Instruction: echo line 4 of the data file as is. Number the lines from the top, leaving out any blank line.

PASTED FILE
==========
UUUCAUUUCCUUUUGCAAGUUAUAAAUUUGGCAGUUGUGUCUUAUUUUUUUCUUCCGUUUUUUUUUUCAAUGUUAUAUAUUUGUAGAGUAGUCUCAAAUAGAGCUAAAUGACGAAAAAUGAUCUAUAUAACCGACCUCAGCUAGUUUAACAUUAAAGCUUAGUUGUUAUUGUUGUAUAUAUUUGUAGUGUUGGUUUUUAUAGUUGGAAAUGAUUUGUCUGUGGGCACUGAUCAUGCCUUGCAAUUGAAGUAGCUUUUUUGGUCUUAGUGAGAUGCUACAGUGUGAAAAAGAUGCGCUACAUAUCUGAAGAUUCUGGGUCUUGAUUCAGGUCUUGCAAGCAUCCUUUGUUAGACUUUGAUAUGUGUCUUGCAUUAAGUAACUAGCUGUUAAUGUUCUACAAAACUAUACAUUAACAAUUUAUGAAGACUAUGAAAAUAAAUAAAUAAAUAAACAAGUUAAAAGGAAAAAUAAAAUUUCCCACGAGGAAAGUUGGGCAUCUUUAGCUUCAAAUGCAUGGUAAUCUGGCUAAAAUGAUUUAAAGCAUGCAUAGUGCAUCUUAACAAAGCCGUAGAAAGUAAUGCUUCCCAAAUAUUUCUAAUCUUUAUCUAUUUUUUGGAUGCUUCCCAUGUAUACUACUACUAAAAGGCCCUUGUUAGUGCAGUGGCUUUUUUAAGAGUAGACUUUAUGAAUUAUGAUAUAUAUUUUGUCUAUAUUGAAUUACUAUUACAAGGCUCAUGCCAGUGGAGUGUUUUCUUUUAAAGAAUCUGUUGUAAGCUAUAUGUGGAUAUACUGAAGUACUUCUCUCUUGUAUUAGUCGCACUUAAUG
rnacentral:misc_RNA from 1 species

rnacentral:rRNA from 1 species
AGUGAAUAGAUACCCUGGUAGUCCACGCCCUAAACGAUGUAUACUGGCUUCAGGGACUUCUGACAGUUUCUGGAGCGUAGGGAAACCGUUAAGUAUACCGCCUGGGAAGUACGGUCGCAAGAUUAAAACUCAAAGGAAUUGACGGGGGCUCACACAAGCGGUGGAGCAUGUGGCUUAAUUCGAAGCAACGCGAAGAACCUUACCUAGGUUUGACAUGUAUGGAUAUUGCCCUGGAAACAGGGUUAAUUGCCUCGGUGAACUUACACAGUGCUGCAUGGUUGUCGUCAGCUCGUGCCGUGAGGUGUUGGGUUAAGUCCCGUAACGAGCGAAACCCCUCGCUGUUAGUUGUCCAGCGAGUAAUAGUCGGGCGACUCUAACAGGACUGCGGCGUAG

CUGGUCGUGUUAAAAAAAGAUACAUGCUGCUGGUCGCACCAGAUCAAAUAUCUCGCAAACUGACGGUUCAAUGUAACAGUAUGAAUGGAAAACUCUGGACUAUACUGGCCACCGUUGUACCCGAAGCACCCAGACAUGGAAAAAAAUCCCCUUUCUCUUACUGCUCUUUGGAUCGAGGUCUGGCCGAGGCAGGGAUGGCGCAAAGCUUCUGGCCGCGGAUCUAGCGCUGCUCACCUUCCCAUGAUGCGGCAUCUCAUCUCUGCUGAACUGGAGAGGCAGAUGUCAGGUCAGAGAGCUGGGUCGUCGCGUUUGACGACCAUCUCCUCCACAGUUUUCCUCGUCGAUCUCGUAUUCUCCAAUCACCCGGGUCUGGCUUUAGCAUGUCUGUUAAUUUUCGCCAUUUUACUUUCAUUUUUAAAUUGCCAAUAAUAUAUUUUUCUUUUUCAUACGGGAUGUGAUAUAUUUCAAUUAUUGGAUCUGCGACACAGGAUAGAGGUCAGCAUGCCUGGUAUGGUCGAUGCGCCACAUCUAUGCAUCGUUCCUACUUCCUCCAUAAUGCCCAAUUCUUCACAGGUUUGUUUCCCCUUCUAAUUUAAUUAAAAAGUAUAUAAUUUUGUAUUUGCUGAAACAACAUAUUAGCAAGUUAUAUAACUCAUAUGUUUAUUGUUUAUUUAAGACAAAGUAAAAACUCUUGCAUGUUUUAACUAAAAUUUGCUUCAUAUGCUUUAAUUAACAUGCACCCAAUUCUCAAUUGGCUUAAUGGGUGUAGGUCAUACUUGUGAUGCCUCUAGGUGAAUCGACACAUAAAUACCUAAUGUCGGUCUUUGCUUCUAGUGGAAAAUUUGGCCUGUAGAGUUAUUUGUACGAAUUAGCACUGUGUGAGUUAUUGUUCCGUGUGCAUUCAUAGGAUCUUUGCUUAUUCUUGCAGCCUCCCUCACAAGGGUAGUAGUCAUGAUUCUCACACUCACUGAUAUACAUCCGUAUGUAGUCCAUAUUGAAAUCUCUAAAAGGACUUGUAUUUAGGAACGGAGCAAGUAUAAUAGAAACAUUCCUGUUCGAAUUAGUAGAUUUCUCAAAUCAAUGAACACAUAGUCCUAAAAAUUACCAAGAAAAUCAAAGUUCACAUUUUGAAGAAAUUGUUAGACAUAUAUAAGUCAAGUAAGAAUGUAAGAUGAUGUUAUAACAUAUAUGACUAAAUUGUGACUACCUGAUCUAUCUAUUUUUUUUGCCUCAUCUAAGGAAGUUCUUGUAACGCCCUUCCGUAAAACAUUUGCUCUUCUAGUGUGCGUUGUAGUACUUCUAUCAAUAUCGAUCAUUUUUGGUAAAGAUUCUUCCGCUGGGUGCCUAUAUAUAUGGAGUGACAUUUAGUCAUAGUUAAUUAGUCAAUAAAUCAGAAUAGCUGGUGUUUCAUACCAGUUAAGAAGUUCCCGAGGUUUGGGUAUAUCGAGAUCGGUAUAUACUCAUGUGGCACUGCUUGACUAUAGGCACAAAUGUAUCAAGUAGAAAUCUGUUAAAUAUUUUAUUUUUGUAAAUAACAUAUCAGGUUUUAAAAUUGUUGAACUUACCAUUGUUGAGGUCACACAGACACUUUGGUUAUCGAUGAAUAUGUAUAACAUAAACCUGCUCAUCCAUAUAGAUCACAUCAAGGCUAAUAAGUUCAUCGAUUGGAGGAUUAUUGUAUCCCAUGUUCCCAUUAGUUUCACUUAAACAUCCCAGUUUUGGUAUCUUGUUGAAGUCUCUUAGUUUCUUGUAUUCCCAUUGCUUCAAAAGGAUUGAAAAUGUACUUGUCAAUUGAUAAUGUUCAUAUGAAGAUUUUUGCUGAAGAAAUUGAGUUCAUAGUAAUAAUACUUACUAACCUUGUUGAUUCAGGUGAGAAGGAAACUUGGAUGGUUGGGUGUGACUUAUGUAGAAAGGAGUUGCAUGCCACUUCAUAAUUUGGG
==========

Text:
AGUGAAUAGAUACCCUGGUAGUCCACGCCCUAAACGAUGUAUACUGGCUUCAGGGACUUCUGACAGUUUCUGGAGCGUAGGGAAACCGUUAAGUAUACCGCCUGGGAAGUACGGUCGCAAGAUUAAAACUCAAAGGAAUUGACGGGGGCUCACACAAGCGGUGGAGCAUGUGGCUUAAUUCGAAGCAACGCGAAGAACCUUACCUAGGUUUGACAUGUAUGGAUAUUGCCCUGGAAACAGGGUUAAUUGCCUCGGUGAACUUACACAGUGCUGCAUGGUUGUCGUCAGCUCGUGCCGUGAGGUGUUGGGUUAAGUCCCGUAACGAGCGAAACCCCUCGCUGUUAGUUGUCCAGCGAGUAAUAGUCGGGCGACUCUAACAGGACUGCGGCGUAG